Helping college students fight back
Educating young people to advocate for and defend Israel on college campuses was the main thrust of Hadassah Southern New Jersey’s annual education symposium on May 13 at Forsgate Country Club in Monroe.
Jerry Enis, who serves as the public relations consultant for Rutgers Hillel, said Israel’s “enemies” have learned to intimidate pro-Israel students, often with the help of like-minded faculty.
“Their message, when it’s not disruptive bullying, is filled with historical inaccuracies and often just plain lies,” said Enis, adding many Jewish students are vulnerable because they know little about Israel.
Rutgers Hillel executive director Andrew Getraer said that pro-Israel students may have many issues on their plates, while for Israel’s critics “it is their single focus in life.”
Hillel at Rutgers, which has the second-largest Jewish population of any college in the United States, has had success by creating an Israel board, training students on handling bullying tactics, and building relationships with alumni, faculty, and administration, as well as with student clubs, government, media, and other organizations.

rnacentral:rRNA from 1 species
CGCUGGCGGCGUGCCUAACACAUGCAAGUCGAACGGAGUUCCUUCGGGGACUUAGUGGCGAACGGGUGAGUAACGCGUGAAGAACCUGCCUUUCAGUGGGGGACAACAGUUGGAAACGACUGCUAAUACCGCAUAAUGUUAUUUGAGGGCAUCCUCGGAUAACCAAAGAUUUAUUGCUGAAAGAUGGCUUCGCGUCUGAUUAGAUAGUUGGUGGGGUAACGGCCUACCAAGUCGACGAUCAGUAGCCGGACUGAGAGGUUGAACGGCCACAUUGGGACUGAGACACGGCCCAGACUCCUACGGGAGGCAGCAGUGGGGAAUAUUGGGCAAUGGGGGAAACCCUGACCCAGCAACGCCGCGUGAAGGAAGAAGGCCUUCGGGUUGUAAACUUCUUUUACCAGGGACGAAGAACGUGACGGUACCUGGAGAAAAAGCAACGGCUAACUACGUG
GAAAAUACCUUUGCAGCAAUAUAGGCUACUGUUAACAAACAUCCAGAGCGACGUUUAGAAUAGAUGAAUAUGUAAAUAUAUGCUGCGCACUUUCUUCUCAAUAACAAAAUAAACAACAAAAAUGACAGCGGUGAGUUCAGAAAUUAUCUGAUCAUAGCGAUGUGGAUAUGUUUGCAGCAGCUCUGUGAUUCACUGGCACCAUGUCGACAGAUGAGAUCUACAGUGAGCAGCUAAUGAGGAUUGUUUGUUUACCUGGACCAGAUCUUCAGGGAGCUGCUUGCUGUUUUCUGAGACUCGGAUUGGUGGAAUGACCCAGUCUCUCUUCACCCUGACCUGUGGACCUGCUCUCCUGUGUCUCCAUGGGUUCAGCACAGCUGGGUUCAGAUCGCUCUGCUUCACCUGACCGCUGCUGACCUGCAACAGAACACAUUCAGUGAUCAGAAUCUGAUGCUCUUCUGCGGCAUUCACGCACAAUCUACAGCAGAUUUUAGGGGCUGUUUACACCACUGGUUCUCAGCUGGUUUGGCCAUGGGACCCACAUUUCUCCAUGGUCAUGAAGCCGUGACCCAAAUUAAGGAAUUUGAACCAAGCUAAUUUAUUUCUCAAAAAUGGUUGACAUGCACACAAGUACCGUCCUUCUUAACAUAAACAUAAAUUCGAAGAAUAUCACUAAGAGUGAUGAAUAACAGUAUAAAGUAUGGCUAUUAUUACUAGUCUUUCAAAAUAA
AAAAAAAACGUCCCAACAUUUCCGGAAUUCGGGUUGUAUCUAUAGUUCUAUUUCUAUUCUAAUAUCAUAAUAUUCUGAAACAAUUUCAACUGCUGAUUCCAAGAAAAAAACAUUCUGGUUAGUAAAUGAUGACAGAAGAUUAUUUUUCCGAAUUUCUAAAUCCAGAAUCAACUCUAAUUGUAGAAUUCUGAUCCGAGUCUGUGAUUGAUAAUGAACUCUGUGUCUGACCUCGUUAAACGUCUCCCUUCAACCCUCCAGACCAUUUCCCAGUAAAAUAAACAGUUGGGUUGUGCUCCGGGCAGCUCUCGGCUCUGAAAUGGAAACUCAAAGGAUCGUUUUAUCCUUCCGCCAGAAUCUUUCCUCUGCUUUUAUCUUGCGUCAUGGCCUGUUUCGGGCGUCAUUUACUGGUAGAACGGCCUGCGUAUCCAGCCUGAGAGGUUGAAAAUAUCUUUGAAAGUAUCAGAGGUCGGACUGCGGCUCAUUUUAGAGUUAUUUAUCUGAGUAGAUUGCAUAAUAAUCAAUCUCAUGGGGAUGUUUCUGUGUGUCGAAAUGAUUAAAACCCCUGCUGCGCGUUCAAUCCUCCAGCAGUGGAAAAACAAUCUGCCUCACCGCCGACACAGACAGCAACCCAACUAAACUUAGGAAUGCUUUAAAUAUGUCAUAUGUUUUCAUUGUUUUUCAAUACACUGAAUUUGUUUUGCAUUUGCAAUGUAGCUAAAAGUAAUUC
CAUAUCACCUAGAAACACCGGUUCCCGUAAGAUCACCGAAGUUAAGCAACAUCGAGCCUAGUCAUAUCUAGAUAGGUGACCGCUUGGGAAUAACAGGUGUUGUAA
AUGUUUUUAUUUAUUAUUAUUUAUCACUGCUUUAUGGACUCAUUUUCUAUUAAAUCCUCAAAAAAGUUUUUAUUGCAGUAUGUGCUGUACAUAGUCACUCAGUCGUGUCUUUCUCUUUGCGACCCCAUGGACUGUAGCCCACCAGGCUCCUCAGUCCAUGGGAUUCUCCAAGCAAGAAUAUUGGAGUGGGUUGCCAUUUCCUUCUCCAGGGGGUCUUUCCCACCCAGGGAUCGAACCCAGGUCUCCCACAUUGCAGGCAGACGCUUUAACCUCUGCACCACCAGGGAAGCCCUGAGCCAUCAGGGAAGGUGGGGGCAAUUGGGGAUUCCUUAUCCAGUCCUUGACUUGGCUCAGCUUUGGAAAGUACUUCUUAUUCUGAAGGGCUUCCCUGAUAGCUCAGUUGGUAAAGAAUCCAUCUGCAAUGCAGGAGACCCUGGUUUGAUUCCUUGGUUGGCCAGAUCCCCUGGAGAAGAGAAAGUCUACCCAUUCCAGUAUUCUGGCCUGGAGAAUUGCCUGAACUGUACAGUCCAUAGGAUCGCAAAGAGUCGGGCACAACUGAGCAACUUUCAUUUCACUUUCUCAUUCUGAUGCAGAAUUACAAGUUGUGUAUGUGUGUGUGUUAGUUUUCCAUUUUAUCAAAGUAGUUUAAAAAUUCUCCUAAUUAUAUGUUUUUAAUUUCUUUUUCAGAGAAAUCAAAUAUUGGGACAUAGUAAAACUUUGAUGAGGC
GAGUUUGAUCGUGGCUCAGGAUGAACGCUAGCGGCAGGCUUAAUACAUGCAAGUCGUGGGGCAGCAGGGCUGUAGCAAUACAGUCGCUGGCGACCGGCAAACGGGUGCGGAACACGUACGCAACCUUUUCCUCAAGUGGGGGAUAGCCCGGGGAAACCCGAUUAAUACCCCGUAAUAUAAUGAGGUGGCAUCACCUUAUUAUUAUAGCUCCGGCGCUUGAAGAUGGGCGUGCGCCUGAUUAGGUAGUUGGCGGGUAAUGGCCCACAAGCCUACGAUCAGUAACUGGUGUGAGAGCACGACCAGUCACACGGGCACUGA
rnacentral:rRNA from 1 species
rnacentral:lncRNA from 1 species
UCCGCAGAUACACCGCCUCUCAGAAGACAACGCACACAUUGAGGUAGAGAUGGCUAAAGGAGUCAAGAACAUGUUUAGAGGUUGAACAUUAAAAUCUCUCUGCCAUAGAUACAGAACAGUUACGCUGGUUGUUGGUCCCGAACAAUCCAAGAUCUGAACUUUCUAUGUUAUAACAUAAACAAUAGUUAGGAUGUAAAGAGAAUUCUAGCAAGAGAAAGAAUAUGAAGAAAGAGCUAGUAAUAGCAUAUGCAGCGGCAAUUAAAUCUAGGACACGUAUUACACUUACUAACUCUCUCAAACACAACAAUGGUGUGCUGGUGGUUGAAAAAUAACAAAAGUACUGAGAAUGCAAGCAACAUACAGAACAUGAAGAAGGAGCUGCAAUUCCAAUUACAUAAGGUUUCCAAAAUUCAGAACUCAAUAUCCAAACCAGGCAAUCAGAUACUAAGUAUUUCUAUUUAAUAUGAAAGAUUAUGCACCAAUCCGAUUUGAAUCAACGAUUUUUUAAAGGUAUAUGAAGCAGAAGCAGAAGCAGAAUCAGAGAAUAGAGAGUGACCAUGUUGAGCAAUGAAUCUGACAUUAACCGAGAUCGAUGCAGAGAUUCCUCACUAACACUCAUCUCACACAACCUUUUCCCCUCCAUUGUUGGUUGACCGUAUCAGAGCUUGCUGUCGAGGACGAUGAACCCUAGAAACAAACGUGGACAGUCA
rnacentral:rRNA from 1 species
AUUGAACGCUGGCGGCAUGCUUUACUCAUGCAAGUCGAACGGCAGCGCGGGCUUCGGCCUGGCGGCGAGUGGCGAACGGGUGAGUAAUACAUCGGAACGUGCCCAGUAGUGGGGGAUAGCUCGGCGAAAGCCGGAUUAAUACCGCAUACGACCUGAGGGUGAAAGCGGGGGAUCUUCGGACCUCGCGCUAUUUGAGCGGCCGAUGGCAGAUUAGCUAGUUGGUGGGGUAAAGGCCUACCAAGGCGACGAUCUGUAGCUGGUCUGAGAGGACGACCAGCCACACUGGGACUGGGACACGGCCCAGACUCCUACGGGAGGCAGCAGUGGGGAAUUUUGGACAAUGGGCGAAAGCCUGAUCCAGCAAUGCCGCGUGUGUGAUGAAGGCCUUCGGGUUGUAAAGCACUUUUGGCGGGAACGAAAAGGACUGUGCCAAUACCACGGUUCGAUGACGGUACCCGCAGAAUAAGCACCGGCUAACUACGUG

Yet the greatest achievement, said Getraer, is “what has not happened at Rutgers.”
“Our campus folks know there is a very strong pro-Israel movement on campus,” explained Getraer. “There have been dozens of BDS resolutions on campuses. Most have been defeated. But at Rutgers there has never been a resolution even introduced to the board of governors or student government.”
Hillel, said Getraer, even secured pledges from the last several student government presidents that no such resolution would be brought to the floor under their administrations.
Other speakers and workshop leaders at the conference included Shahar Azani, executive director of the Northeast region of StandWithUs; Elad Strohmayer, deputy Israeli consul general of the Mid-Atlantic Region; and Howard Joffe, a Cherry Hill-based management consultant and Rider University professor.